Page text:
The first registered team(s) to meet the required guidelines and complete their trials by Sept. 30, 2019, will win the awards.

The Vascular Tissue Challenge prize purse is provided by NASA’s Centennial Challenges Program, part of NASA’s Space Technology Mission Directorate. Centennial Challenges, managed by NASA’s Marshall Space Flight Center in Huntsville, Alabama, is NASA’s citizen-inventor prize program. It invites the nation to help advance the technologies that will enable us to go to Mars and beyond, as well as improve life on Earth. The New Organ Alliance is administering the competition on behalf of NASA. The alliance is a nonprofit organization focused on regenerative medicine research and development to benefit human disease research and tissue engineering.

For information about the Methuselah Foundation’s New Organ Alliance, official challenge documents, rules and schedule of events, visit https://neworgan.org/vtc-prize.php.

For more information about the Vascular Tissue Challenge, visit https://www.nasa.gov/vtchallenge.


NASA Unveils New Public Web Portal for Research Results
Audience: All Educators and Students

With the launch of a new agency public access portal, public access to NASA-funded research data now is just a click away. PubSpace is a repository of original science journal articles produced by NASA-funded research and available online without a fee.

While the agency always has made access to its research a high priority, the focus now is to make NASA science data more easily obtainable via “one-stop shopping.” This increased public access is intended to accelerate the dissemination of fundamental research results to advance scientific knowledge and help ensure the nation’s future prosperity.

The NASA-Funded Research Results portal was created in response to a 2013 request from the White House Office of Science and Technology Policy, which directed science-funding agencies to develop plans to increase access to the results of federally funded research. NASA’s public access plan was developed in coordination with the science and technology research community across the agency. NASA will continue to consult with the scientific community, academic institutions, publishers and other federal agencies to implement this plan and increase access to research results.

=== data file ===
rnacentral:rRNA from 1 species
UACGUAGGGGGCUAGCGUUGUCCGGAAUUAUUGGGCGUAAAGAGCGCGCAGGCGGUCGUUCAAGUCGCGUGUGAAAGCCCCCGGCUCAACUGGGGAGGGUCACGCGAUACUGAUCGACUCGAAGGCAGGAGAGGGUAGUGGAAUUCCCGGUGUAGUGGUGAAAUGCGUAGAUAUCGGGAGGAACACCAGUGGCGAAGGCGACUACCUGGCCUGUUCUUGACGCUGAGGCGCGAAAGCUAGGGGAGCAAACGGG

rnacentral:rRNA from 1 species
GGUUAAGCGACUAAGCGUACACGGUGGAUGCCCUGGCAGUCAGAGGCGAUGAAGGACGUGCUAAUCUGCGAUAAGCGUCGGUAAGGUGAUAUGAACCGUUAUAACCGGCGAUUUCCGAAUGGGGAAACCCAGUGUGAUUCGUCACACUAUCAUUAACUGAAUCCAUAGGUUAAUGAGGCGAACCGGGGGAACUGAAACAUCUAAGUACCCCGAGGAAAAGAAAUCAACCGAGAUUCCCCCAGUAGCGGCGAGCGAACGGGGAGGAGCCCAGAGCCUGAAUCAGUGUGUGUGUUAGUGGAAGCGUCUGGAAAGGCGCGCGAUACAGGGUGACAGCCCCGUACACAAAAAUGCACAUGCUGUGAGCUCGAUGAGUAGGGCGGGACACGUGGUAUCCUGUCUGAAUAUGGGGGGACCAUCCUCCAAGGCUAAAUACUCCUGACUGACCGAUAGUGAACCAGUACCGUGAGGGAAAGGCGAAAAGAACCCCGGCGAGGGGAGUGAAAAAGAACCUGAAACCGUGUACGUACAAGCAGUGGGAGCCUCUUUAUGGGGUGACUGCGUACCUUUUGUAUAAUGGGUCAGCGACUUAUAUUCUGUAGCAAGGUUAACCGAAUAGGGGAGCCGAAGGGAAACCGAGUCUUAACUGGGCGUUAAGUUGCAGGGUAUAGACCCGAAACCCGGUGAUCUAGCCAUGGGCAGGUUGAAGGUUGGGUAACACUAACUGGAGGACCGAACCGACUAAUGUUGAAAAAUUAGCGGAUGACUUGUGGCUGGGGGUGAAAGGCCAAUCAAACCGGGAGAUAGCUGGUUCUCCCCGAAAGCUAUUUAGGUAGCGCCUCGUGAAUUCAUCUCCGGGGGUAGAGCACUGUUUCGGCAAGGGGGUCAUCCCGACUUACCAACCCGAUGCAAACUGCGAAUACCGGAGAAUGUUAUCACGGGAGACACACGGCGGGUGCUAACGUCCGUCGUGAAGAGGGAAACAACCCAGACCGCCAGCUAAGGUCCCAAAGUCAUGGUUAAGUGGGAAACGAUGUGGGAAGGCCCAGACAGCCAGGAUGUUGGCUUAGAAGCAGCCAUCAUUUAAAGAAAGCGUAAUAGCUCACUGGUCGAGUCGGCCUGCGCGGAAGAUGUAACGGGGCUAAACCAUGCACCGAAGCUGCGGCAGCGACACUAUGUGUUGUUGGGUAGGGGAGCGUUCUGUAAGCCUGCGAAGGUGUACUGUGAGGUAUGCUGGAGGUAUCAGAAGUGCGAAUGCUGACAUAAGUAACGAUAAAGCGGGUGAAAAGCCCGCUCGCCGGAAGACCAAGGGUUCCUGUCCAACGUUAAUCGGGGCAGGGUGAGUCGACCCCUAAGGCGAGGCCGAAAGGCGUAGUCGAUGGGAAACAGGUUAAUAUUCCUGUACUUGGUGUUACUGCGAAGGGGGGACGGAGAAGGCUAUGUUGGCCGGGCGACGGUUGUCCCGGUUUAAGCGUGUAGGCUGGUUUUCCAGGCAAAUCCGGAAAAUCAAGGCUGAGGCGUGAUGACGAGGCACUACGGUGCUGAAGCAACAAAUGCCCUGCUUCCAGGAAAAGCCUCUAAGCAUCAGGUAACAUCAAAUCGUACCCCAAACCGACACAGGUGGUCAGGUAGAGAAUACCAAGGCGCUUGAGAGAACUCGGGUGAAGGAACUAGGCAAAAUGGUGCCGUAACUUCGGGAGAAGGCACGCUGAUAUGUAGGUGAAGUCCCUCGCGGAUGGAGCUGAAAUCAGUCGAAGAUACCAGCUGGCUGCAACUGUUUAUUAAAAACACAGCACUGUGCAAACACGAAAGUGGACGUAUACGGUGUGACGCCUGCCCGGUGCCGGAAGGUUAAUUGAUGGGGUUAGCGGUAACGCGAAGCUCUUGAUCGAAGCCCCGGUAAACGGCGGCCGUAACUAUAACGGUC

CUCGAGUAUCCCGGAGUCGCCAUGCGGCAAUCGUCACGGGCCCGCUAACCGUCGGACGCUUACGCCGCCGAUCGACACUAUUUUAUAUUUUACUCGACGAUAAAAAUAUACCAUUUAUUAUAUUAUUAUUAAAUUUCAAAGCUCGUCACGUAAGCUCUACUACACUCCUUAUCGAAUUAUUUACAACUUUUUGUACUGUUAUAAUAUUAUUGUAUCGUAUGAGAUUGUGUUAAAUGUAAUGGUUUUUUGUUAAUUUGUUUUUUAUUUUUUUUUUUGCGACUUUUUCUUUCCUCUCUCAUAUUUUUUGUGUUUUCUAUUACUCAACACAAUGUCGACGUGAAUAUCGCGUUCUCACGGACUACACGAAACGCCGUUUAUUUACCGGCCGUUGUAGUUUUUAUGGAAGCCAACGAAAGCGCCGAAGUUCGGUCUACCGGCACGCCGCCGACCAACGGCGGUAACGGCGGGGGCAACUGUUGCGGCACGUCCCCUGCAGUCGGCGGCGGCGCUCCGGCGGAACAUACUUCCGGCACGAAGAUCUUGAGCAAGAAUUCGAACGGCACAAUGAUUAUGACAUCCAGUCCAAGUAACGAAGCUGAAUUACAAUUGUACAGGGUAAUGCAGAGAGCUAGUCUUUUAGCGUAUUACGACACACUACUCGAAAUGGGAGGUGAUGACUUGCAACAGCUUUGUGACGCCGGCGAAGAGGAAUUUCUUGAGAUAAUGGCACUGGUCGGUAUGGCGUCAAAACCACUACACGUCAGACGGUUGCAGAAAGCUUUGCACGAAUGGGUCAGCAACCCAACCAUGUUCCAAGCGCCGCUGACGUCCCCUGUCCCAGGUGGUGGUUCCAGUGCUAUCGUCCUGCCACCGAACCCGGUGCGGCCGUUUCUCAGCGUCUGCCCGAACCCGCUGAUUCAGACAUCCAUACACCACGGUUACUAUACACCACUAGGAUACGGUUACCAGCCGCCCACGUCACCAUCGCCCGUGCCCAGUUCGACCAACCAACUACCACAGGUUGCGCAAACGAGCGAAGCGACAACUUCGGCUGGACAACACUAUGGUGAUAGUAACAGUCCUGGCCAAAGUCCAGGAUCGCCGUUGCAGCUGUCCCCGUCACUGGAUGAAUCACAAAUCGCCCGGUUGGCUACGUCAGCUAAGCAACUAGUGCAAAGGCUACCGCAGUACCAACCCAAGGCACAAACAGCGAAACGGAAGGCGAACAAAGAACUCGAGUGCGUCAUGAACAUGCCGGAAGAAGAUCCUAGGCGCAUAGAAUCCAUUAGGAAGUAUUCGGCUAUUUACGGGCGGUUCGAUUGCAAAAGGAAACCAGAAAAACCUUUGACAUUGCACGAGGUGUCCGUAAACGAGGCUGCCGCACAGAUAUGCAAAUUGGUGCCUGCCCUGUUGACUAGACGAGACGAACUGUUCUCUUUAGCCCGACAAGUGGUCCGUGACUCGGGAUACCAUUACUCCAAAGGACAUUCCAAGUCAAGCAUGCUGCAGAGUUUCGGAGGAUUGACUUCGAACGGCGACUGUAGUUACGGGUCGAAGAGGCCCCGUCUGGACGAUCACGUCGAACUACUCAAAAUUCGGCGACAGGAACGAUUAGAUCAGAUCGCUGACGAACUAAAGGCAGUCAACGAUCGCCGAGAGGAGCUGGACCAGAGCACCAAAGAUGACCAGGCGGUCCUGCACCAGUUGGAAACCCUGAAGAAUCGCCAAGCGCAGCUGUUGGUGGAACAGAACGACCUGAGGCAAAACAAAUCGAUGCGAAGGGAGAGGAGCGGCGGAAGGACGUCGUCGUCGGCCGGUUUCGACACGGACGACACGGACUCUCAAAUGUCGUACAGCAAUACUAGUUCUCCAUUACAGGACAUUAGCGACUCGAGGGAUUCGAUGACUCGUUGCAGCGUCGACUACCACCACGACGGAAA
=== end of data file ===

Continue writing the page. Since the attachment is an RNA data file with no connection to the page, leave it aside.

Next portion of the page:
For more information, visit https://www.nasa.gov/open/researchaccess.


Do you want more NASA science? Visit http://science.nasa.gov/.

Don’t miss out on upcoming NASA education opportunities.
For a full list of events, opportunities and more, visit the Educators and Students Current Opportunity pages on NASA’s website:
— Educators https://www.nasa.gov/audience/foreducators/current-opps-index.html
— Students https://www.nasa.gov/audience/forstudents/current-opps-index.html

Are you looking for NASA educational materials to support your STEM curriculum?
Search hundreds of resources by subject, grade level, type and keyword at https://www.nasa.gov/education/resources/.

Find NASA science resources for your classroom. NASA Wavelength is a digital collection of Earth and space science resources for educators of all levels — from elementary to college, to out-of-school programs. http://nasawavelength.org/

Visit NASA Education on the web:
NASA Office of Education: https://www.nasa.gov/education
For Educators: https://www.nasa.gov/audience/foreducators/index.html
For Students: https://www.nasa.gov/audience/forstudents/index.html
NASA Kids’ Club: https://www.nasa.gov/kidsclub

Did you miss last week’s NASA Education Science WOW! message?
Visit the Science WOW! blog for an archive of previous messages.
https://blogs.nasa.gov/educationsciencewow/

NASA Education “Science WOW!” Message — Sept. 21, 2016

Check out the latest edition of NASA Education’s “Science WOW!” — your source for NASA opportunities in science education delivered “Weekly On Wednesday.”






Check out the latest edition of NASA Education’s “Science WOW!” — your source for NASA opportunities in science education delivered “Weekly On Wednesday.”


Science Always Starts With a Question …